I believe the answer is found in the differences in the Chinese and US legal systems. It all starts with the following: in China you are presumed guilty while in the US (and the UK), you are presumed innocent until proven guilty. In an article in the New York Times (NYT), entitled “Presumed Guilty in China’s War on Corruption”, Andrew Jacobs and Chris Buckley wrote that the “war on corruption often operates beyond the law in a secret realm of party-run agencies”. The process “Known as Shuanggui, it is a secretive, extralegal process that leaves detainees cutoff from lawyers, associates and relatives.” Moreover, even as a case moves through the Chinese criminal justice system, defendants’ counsel “have limited access to evidence, witnesses, and their clients.” It does not get any better when a defendant actually goes to court because “Lawyers say Chinese courts rarely allow them to call defense witnesses, while prosecutors frequently withhold cruical evidence.” Finally, of the 8,110 officials charged with corruption “in the first half of this year, 99.8 percent were convicted”. To this rather amazing trial court conviction rate, I would add the the prosecution does even better on appeal, never losing to a convicted defendant.

Does that sound like a system in which you would jump for joy if you were caught up in, even knowing that the time from announcment of investigation until 99.8% chance of conviction awaited you? Even if the government investigation only took 14 months? In the US, corporations have the same rights as individuals at trial; to cross-examine witness, to be made aware of the charges against it, those charges must be brought with specficity, right to counsel, right to an open trial and right to appeal. These rights are all enshrined in the US Constitution. Those rights are not present for individuals or corporations under Chinese law or jurisprudence.

But the FCPA Professor also critiqued the Department of Justice (DOJ) and Securities and Exchange Commission (SEC) in FCPA enforcements with the following observation: The vast majority of corporate FCPA enforcement actions lack transparency and the resolution documents (whether a non-prosecution agreement, deferred prosecution agreement or civil administrative order) are the result of an opaque process ultimately controlled by the same office prosecuting or bringing the action.When a company enters into negotiation with the DOJ and SEC it is with legal counsel in tow. Even if we in the general public are not privy to these negotiations over the terms and conditions of enforcement actions I am confident that there is some give and take. Further, while I only have personal knowledge of one negotiation for the specific terms of a Deferred Prosecution Agreement (DPA), the lawyer representing the company made clear it was a negotiation. It was not a Diktat with sentencing simply pronounced by the DOJ. Does the office which handles the investigation also handle the settlement negotiation? Yes but that is what prosecutors do each and every day in every city, county, town, hamlet, state and federal jurisdiction in this country.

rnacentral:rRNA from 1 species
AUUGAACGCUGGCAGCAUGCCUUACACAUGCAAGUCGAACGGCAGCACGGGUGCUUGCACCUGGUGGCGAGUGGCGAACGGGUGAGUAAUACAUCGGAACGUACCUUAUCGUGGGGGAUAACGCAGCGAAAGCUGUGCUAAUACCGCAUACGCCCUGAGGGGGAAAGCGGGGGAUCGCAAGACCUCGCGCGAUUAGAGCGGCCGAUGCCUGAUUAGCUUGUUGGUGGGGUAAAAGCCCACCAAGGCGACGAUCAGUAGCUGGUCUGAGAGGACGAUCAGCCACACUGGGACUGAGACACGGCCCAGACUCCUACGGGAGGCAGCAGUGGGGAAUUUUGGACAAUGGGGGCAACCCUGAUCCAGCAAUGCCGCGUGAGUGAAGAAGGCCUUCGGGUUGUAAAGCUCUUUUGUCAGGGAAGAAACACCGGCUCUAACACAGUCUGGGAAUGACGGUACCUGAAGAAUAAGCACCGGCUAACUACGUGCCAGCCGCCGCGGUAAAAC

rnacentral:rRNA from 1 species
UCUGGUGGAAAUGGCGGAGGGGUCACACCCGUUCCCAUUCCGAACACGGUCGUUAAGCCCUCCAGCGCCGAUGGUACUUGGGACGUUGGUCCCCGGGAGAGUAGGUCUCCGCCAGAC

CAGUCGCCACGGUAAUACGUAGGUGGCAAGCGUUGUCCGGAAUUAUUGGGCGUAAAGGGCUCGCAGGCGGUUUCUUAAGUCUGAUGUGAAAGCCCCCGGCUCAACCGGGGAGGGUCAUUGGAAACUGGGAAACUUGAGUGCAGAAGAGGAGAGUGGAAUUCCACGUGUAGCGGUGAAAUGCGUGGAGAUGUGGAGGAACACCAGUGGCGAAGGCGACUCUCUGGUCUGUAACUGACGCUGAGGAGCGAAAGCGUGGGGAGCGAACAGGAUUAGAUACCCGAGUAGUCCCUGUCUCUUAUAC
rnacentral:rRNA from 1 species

Just as it takes two to tango, it takes two to negotiate. The DOJ does not negotiate with itself. Another party is sitting across the table and that other party is the company involved in the FCPA investigation. Why is that company there in the room negotiating? Because the company has assessed its interest and determined that it would be better off settling than going to trial. This is in the face of DOJ failures in the trial court in the Gun Sting cases, the O’Shea trial and the trial court overturning the verdict in the Lindsey Manufacturing conviction. Simply because there is a negotiation between the DOJ and a private party does not make it some nefarious process, even if the prosecutors hold the upper hand.

As far as the fines and penalites, there has been nothing to suggest the basis of the $491MM fine assessed against GSK. That amount is a bit less than the amounts initially reported that GSK China paid out as bribes, somewhere over $500MM. At least in the US, there are the Sentence Guidelines which form some basis of the calculation. Of course there is always some prosecutorial discretion to lessen a fine or penalty below the suggested amount. We have seen that occur this year with the HP enforcement action and recently Asst. Attorney General Leslie Caldwell suggested that Alcoa could have been fined over $1bn for its conduct, while the actual fine was $384MM. It is appropriate for prosecutors to have such discretion.